I'm really excited to race bikes this year. After half-assing it the last two or three years, I'm having a lot of fun trying to get fit, eat better, and see how it turns out. I even cut out drinking (except for at Jaden Drews' birthday party) so you know I'm getting serious. Not sure if I'll ever be as fast as guys like Cody, Kickbush, and other high-flyers, but I'm enjoying the effort of trying to improve, and that seems like half the battle. 

One quick note on Barry-Roubaix; please take a lot of pictures. It's so cool to see the entire town swarming with bikes and Spandex enthusiasts. Maybe I'll get talked into putting that race on the credit card this week; it's such a cool event and I hope everyone has fun and enjoys it. 

Cross your fingers for spring, everyone. See you out on the trails soon. 

Wes Sovis is the starting shortstop for the San Franciso Giants and two-time Emmy nominee. Follow him on Instagram or Strava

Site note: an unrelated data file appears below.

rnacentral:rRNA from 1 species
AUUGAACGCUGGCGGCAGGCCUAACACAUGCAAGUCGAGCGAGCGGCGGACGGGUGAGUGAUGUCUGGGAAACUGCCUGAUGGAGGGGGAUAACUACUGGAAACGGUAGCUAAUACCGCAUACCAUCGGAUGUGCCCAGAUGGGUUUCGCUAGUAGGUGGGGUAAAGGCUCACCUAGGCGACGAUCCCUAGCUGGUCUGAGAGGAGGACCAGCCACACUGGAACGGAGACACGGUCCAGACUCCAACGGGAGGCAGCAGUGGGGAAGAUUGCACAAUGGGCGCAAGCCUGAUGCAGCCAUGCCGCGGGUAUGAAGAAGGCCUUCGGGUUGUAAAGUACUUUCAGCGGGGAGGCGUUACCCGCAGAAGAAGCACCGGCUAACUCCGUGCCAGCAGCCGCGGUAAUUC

Where Does Social Media Marketing Go From Here?

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It's been a rough year and a half for Facebook. There was that whole election fiasco. And then the botched reaction to that fiasco, which included denials of any wrongdoing by both Mark Zuckerberg and Sheryl Sandburg, before finally admitting what every other news outlet had already reported. And then, seemingly for good measure, they went ahead and hit the headlines again as details of the Cambridge Analytica scandal emerged. While it's become obvious to most that trusting social media companies with our personal data is more of a voluntary risk than an act of good faith, it leaves social media marketing professionals asking some really important questions about our responsibilities in marketing on Facebook.

These Are Ad Networks, Not Social Media Networks